The Babylonian calendar is divided into two halves – the vernal and autumn equinoxes. They usher in the periods of disharmony between the Sun and the Moon. From March to September, Utu, the Sun, is triumphant, and from September to March, Nanna-Suen is more visible. At the spring equinox, the Akiti Se-kintu (the Festival of the Harvest) is held. At the autumn equinox, it is the Akiti-Su-numun (the Festival of the Seeding). In the month of September/October (Note 1.), the focus is on the Autumn Equinox and the coming darkness.
At the Akiti-Sunumun, the emblems of Nanna-Suen are cleaned. Hailed as “Father Nanna, when You sail (across the sky) like a ship on flood waters,” the Moon God loads his Boat with gifts of trees, plants, and animals. He sails from city to city bringing the people fertility. For this reason, The Boat of Nanna-Suen also receives offerings. The Great Offerings to Nanna-Suen are made at the New Moon (the first of the month), the Quarter Moon (seventh), and Full Moon (the fifteen). Modern Sumer Reconstructionists will bake cupcakes for the Great Offerings. (Note 2.)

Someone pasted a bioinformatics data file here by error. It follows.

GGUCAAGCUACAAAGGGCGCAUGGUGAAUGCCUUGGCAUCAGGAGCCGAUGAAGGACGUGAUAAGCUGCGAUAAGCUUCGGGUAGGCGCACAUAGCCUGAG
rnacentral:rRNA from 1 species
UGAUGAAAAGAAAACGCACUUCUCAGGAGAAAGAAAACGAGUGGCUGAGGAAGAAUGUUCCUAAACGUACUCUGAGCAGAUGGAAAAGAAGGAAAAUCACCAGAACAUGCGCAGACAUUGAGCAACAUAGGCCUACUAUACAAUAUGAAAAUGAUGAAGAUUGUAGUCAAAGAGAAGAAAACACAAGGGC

Kinunu (Brazier Festival)
From the eighth to the eighteenth days of the month, the Kinunu (Brazier Festival) is held. For this festival, people wear their new clothes. Using fresh olive oil, they light their braziers to keep burning throughout the Kinunu. The First Fire of the coming cold and early darkness is honored.
Duku (Festival of the Sacred Mound)
At the end of the month, the Duku (Sacred Mound) festival is held. After feasting with family and friends, homage is made to the Ancestors. Lamentations are read and milk is offered to Endukuga (Lord of the Sacred Mound) and Nindukuga (Lady of the Sacred Mound). They are the Great Ancestors of the Elder Gods, who lived at the Duku. (This was the place of Heaven and Earth before the two parts were separated by Enlil.)
At this time, the Descent of Inanna is re-enacted to ensure that the land is fertile. Her Descent into the Underworld is the hinge between the dry and rainy seasons. Inanna dies but is rescued. Since someone has to replace Her in the Underworld, Dumuzi, Her Shephard Consort, goes down for six months. His sister, Geshtinanna, Goddess of Autumn Wines, takes his place the other six months.
Note 1: In Sumer, this month is called “Duku”, and in Babylon, “Tairitu.”
Note 2: The Great Offering was originally cattle, beer, milk, honey, and grain. Today, cupcakes made with grain, honey, and milk are offered.